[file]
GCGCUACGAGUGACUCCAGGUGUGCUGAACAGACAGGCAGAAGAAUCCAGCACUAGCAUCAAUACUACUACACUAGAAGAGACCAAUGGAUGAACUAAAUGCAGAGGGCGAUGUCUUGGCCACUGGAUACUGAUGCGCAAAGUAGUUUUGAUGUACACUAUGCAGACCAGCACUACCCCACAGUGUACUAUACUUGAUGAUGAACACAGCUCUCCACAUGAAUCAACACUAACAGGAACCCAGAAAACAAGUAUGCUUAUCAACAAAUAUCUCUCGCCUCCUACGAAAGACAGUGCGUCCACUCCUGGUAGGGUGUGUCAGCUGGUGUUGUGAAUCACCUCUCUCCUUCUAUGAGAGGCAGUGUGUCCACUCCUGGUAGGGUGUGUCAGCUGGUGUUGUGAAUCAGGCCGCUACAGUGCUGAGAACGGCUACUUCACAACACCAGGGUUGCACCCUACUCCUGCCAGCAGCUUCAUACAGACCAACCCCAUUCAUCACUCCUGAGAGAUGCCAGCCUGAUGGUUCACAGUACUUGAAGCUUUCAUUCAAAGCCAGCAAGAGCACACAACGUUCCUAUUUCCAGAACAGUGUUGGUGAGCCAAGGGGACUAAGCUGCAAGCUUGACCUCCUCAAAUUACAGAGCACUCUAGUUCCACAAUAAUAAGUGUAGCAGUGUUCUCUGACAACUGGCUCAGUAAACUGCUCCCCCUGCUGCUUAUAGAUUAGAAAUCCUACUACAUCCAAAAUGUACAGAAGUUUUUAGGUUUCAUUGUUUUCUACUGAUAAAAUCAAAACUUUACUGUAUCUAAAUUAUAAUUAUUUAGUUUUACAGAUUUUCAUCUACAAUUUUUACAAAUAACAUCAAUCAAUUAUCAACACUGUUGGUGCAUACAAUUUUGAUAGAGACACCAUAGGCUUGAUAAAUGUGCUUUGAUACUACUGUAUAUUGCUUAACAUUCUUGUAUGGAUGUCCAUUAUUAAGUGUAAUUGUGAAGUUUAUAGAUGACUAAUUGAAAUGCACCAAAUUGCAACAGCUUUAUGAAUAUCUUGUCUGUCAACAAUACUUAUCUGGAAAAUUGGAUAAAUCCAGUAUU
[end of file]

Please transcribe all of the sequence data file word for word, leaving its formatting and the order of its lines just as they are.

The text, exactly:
GCGCUACGAGUGACUCCAGGUGUGCUGAACAGACAGGCAGAAGAAUCCAGCACUAGCAUCAAUACUACUACACUAGAAGAGACCAAUGGAUGAACUAAAUGCAGAGGGCGAUGUCUUGGCCACUGGAUACUGAUGCGCAAAGUAGUUUUGAUGUACACUAUGCAGACCAGCACUACCCCACAGUGUACUAUACUUGAUGAUGAACACAGCUCUCCACAUGAAUCAACACUAACAGGAACCCAGAAAACAAGUAUGCUUAUCAACAAAUAUCUCUCGCCUCCUACGAAAGACAGUGCGUCCACUCCUGGUAGGGUGUGUCAGCUGGUGUUGUGAAUCACCUCUCUCCUUCUAUGAGAGGCAGUGUGUCCACUCCUGGUAGGGUGUGUCAGCUGGUGUUGUGAAUCAGGCCGCUACAGUGCUGAGAACGGCUACUUCACAACACCAGGGUUGCACCCUACUCCUGCCAGCAGCUUCAUACAGACCAACCCCAUUCAUCACUCCUGAGAGAUGCCAGCCUGAUGGUUCACAGUACUUGAAGCUUUCAUUCAAAGCCAGCAAGAGCACACAACGUUCCUAUUUCCAGAACAGUGUUGGUGAGCCAAGGGGACUAAGCUGCAAGCUUGACCUCCUCAAAUUACAGAGCACUCUAGUUCCACAAUAAUAAGUGUAGCAGUGUUCUCUGACAACUGGCUCAGUAAACUGCUCCCCCUGCUGCUUAUAGAUUAGAAAUCCUACUACAUCCAAAAUGUACAGAAGUUUUUAGGUUUCAUUGUUUUCUACUGAUAAAAUCAAAACUUUACUGUAUCUAAAUUAUAAUUAUUUAGUUUUACAGAUUUUCAUCUACAAUUUUUACAAAUAACAUCAAUCAAUUAUCAACACUGUUGGUGCAUACAAUUUUGAUAGAGACACCAUAGGCUUGAUAAAUGUGCUUUGAUACUACUGUAUAUUGCUUAACAUUCUUGUAUGGAUGUCCAUUAUUAAGUGUAAUUGUGAAGUUUAUAGAUGACUAAUUGAAAUGCACCAAAUUGCAACAGCUUUAUGAAUAUCUUGUCUGUCAACAAUACUUAUCUGGAAAAUUGGAUAAAUCCAGUAUU